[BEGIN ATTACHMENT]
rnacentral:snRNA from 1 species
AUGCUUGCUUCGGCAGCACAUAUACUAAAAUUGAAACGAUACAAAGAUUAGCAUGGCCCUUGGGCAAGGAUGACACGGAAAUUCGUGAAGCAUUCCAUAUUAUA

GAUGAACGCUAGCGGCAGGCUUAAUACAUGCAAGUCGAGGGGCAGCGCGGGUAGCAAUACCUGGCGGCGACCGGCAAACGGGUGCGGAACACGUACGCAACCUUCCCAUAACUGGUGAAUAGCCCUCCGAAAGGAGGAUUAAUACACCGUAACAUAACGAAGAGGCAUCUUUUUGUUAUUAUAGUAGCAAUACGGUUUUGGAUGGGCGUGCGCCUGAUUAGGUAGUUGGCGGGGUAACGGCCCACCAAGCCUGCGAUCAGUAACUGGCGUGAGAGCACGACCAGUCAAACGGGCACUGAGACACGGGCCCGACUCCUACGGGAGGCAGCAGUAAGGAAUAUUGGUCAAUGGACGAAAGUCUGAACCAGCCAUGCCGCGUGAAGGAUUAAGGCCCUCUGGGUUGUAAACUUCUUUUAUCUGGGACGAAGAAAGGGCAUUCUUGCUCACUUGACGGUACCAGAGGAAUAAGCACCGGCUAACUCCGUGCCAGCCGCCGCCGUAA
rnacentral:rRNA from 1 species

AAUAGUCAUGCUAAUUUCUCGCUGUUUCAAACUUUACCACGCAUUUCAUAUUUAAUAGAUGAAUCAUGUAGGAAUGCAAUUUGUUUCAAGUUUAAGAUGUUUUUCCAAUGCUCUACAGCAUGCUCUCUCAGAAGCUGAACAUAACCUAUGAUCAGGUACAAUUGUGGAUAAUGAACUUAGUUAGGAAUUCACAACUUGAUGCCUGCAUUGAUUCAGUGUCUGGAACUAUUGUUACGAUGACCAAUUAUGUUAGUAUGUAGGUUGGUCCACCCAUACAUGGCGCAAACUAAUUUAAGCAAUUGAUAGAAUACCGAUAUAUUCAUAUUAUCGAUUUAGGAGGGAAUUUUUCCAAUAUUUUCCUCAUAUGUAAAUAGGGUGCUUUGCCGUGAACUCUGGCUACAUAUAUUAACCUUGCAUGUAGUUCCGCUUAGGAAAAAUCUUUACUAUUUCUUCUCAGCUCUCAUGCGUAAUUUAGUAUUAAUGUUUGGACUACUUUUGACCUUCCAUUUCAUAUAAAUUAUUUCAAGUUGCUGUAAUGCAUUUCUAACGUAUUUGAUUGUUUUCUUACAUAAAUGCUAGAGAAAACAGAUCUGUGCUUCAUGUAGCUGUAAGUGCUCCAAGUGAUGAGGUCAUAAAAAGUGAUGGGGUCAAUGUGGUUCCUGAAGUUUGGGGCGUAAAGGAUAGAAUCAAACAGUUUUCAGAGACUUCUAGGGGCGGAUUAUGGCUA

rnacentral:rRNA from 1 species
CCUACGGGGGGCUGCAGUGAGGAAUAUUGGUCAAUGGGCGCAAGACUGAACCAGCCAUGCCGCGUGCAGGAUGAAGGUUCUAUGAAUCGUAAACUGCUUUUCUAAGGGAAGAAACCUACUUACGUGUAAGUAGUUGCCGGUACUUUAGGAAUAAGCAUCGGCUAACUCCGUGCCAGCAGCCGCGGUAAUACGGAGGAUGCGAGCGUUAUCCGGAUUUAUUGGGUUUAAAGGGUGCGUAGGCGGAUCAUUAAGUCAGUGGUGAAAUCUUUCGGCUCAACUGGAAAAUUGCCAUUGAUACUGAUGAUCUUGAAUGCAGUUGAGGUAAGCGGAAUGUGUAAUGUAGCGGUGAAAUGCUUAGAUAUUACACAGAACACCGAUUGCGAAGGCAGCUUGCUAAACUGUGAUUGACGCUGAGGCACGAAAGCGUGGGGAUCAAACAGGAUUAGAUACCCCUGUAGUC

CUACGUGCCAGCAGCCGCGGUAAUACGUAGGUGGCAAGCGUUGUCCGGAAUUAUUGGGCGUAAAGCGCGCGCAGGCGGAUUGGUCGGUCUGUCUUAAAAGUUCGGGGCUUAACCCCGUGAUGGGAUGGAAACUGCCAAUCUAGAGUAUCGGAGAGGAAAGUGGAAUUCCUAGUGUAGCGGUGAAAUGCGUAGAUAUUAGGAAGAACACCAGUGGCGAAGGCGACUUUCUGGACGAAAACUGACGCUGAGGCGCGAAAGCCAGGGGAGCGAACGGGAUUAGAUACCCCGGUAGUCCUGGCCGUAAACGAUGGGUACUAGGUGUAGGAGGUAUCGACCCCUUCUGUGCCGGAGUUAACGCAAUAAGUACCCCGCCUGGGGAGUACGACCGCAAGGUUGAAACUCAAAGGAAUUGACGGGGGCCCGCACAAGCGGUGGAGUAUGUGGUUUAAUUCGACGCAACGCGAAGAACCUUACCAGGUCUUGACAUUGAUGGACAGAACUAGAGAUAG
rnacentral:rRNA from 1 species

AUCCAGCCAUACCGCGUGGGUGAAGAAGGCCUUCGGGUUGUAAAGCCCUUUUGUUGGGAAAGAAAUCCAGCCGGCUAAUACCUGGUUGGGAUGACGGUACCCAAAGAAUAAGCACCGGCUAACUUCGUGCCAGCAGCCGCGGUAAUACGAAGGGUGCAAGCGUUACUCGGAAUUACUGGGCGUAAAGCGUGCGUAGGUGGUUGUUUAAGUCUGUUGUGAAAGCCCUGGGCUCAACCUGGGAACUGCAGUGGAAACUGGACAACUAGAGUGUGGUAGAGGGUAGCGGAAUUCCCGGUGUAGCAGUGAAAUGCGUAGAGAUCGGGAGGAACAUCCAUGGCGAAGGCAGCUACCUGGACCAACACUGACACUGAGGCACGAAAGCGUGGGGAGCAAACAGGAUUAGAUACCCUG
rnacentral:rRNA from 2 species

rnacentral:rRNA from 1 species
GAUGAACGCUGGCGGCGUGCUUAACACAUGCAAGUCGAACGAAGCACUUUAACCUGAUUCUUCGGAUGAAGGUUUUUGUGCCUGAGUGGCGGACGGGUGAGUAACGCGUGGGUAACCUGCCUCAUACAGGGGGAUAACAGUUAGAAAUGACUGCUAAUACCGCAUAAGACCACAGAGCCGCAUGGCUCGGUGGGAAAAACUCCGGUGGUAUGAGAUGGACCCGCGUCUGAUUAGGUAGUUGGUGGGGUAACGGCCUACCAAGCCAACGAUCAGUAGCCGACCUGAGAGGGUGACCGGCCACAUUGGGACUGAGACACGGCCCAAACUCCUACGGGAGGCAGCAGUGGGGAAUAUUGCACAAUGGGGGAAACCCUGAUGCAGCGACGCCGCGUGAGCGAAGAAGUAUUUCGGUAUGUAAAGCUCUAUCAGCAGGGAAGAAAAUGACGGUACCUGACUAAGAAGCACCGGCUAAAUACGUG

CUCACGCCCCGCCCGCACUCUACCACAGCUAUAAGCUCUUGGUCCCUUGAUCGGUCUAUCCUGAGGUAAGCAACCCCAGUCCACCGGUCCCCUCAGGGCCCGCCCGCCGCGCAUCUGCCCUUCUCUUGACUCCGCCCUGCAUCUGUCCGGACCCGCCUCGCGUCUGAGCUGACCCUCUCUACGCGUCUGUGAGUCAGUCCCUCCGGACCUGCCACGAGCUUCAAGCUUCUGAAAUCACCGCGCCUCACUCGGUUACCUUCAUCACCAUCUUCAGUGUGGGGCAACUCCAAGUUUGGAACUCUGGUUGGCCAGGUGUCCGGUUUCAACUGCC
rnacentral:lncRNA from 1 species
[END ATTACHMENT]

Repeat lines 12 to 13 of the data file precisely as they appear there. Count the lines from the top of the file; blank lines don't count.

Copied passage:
rnacentral:rRNA from 1 species
GAUGAACGCUGGCGGCGUGCUUAACACAUGCAAGUCGAACGAAGCACUUUAACCUGAUUCUUCGGAUGAAGGUUUUUGUGCCUGAGUGGCGGACGGGUGAGUAACGCGUGGGUAACCUGCCUCAUACAGGGGGAUAACAGUUAGAAAUGACUGCUAAUACCGCAUAAGACCACAGAGCCGCAUGGCUCGGUGGGAAAAACUCCGGUGGUAUGAGAUGGACCCGCGUCUGAUUAGGUAGUUGGUGGGGUAACGGCCUACCAAGCCAACGAUCAGUAGCCGACCUGAGAGGGUGACCGGCCACAUUGGGACUGAGACACGGCCCAAACUCCUACGGGAGGCAGCAGUGGGGAAUAUUGCACAAUGGGGGAAACCCUGAUGCAGCGACGCCGCGUGAGCGAAGAAGUAUUUCGGUAUGUAAAGCUCUAUCAGCAGGGAAGAAAAUGACGGUACCUGACUAAGAAGCACCGGCUAAAUACGUG